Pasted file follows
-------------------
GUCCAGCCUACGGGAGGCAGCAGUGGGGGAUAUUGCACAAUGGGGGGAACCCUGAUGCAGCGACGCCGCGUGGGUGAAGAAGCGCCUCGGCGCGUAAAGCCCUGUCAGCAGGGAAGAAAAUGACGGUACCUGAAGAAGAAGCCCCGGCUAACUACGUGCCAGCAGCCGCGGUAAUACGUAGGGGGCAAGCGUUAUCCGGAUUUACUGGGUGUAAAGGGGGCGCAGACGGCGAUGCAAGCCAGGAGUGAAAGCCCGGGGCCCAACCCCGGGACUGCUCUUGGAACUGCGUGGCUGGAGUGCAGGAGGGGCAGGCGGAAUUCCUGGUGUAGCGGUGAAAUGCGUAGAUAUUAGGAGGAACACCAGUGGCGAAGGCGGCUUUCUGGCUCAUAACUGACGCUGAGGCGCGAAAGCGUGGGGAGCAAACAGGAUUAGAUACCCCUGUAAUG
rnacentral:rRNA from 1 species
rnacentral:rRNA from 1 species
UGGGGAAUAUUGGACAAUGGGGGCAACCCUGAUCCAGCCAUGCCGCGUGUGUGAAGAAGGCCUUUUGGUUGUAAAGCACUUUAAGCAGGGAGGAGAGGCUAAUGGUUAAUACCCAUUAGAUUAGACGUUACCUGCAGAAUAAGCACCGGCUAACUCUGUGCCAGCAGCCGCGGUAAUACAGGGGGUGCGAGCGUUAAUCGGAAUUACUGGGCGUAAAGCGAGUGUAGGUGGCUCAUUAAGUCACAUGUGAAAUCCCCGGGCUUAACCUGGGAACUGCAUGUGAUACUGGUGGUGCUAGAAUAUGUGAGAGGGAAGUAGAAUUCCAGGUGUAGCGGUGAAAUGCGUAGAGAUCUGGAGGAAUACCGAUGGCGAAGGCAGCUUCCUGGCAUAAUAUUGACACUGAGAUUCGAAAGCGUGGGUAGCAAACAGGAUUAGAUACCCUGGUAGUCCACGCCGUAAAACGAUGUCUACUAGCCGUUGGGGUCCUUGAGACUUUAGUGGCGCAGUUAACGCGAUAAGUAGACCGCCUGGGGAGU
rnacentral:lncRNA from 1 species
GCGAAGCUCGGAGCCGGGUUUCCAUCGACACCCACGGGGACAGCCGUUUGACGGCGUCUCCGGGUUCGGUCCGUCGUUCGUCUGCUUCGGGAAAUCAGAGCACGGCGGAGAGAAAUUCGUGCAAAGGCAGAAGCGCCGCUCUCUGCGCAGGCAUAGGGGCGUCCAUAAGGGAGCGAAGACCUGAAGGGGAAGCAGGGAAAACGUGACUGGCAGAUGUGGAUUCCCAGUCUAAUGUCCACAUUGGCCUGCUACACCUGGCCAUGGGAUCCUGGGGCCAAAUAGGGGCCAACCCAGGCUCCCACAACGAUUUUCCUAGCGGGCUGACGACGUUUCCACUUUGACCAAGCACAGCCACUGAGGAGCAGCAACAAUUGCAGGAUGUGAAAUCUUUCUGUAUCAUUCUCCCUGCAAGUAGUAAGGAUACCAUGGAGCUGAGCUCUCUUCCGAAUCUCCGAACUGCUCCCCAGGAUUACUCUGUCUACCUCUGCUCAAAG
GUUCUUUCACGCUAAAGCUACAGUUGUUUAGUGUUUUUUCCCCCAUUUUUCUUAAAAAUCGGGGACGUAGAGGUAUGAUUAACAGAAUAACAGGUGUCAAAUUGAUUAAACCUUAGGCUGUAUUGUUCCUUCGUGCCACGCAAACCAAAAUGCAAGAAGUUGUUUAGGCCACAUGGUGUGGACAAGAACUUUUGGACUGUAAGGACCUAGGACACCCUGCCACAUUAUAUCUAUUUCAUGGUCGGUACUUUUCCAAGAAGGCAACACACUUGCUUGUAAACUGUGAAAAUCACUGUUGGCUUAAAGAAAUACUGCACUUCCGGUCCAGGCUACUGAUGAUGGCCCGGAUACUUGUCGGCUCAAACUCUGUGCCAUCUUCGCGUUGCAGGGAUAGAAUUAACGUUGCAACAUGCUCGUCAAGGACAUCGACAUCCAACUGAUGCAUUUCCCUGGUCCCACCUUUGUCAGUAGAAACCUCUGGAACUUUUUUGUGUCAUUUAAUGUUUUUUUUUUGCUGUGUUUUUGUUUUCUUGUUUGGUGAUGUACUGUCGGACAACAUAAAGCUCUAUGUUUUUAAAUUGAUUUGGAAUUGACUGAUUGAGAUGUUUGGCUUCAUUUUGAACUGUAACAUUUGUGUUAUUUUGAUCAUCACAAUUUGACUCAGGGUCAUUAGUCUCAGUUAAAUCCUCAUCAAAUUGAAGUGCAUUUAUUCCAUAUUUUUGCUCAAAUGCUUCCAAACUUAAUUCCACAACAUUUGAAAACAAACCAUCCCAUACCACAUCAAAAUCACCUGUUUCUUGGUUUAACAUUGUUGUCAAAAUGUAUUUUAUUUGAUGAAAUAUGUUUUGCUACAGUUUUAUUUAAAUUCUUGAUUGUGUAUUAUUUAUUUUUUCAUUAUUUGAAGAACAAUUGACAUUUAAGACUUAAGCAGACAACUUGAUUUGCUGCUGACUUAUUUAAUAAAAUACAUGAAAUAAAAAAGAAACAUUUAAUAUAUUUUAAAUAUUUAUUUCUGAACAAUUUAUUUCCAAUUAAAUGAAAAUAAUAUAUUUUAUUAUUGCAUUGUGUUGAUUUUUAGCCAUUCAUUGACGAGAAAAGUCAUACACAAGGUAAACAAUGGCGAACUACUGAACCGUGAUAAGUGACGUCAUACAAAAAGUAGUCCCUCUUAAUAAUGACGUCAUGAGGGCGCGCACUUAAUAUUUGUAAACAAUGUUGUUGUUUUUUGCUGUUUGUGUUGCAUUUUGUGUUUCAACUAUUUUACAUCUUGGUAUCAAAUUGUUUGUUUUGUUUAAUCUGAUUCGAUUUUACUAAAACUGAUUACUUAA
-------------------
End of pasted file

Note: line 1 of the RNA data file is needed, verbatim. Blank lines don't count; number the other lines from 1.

GUCCAGCCUACGGGAGGCAGCAGUGGGGGAUAUUGCACAAUGGGGGGAACCCUGAUGCAGCGACGCCGCGUGGGUGAAGAAGCGCCUCGGCGCGUAAAGCCCUGUCAGCAGGGAAGAAAAUGACGGUACCUGAAGAAGAAGCCCCGGCUAACUACGUGCCAGCAGCCGCGGUAAUACGUAGGGGGCAAGCGUUAUCCGGAUUUACUGGGUGUAAAGGGGGCGCAGACGGCGAUGCAAGCCAGGAGUGAAAGCCCGGGGCCCAACCCCGGGACUGCUCUUGGAACUGCGUGGCUGGAGUGCAGGAGGGGCAGGCGGAAUUCCUGGUGUAGCGGUGAAAUGCGUAGAUAUUAGGAGGAACACCAGUGGCGAAGGCGGCUUUCUGGCUCAUAACUGACGCUGAGGCGCGAAAGCGUGGGGAGCAAACAGGAUUAGAUACCCCUGUAAUG